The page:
The Open Future, Free Will and Divine Assurance: Responding to Three Common Objections to the Open View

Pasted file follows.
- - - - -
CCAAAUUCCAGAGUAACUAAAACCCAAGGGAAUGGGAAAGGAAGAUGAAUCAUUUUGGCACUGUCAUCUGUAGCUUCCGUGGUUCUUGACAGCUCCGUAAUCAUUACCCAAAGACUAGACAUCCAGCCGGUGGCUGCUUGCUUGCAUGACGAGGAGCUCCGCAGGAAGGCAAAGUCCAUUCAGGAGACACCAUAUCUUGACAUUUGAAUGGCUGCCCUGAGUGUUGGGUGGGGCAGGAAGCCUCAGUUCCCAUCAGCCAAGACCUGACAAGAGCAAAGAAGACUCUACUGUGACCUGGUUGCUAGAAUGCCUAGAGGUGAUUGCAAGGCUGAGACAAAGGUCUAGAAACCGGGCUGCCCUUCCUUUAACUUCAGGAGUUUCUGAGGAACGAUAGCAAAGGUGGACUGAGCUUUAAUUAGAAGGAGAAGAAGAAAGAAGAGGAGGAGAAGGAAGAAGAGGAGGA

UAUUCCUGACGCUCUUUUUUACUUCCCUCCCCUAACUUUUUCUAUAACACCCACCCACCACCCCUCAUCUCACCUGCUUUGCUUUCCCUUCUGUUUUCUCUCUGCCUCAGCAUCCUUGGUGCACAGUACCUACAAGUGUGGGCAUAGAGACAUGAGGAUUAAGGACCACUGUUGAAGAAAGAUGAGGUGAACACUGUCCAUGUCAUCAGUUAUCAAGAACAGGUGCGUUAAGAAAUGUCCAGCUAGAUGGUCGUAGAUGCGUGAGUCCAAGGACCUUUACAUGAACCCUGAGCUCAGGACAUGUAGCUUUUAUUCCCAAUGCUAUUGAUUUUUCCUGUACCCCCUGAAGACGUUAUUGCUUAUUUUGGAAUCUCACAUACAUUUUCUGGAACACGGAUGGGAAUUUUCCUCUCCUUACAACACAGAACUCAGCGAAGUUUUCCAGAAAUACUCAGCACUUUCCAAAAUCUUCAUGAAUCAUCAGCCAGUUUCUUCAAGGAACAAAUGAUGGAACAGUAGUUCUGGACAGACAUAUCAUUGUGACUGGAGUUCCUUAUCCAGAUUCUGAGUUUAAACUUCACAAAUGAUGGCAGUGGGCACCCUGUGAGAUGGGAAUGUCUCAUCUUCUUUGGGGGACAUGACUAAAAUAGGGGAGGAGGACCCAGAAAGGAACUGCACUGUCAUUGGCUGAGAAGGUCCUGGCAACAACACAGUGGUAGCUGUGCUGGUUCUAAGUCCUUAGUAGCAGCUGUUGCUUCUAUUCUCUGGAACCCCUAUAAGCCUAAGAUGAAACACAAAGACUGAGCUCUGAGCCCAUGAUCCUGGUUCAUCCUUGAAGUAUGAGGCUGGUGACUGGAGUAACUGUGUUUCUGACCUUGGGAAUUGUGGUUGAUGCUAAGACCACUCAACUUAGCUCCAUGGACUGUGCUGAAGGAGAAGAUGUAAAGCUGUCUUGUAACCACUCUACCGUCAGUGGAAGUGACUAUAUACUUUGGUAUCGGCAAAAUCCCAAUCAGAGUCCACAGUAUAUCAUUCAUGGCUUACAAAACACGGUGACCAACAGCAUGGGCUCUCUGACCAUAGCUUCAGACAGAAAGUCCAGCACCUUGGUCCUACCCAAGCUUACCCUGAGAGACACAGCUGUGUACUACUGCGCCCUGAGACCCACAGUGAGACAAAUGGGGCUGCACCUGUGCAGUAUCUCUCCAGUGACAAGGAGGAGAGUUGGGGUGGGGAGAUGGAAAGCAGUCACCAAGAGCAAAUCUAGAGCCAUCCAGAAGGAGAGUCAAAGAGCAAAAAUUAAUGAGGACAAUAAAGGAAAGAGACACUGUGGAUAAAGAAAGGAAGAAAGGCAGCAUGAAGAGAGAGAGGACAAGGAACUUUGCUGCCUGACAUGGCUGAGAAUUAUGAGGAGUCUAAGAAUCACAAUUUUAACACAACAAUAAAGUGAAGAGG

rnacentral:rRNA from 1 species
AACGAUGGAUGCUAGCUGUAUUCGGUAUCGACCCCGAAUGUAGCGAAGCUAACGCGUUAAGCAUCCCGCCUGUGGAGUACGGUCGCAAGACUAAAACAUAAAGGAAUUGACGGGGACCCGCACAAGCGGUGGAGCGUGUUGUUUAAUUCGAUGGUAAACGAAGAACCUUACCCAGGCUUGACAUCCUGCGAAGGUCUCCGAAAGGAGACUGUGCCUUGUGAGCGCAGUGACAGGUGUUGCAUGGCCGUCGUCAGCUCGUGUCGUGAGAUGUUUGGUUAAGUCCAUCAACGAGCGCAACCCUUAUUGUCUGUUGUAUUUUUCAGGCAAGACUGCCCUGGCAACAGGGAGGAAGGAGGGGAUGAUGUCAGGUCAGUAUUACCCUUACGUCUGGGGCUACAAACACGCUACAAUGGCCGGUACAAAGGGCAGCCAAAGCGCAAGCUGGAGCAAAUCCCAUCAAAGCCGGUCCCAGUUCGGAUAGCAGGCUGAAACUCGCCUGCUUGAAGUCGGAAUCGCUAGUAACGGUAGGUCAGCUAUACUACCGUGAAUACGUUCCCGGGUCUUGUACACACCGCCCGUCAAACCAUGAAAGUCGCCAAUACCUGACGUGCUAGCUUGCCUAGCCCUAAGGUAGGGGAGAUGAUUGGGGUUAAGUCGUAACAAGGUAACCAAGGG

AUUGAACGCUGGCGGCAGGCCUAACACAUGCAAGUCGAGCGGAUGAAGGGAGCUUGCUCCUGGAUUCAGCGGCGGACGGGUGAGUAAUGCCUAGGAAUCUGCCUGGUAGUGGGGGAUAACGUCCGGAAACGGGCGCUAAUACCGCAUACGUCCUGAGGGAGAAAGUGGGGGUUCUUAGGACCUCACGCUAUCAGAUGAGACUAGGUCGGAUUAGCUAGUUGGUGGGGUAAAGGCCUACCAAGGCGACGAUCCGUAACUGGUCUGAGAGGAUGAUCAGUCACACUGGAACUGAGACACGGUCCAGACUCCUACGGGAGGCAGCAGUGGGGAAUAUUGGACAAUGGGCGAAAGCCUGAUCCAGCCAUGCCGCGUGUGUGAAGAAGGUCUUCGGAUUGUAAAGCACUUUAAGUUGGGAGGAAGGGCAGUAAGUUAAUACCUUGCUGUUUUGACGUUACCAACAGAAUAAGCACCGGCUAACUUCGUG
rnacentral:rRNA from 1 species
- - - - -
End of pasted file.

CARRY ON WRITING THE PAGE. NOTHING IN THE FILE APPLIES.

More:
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In this essay I respond to three of the most forceful objections to the open view of the future. It is argued that a) open view advocates must deny bivalence; b) the open view offers no theodicy advantages over classical theism; and c) the open view can’t assure believers that God can work all things to the better. I argue that the first objection is premised on an inadequate assessment of future tensed propositions, the second is rooted in an inadequate assessment of free will, and the third is grounded in an inadequate assessment of God’s intelligence.
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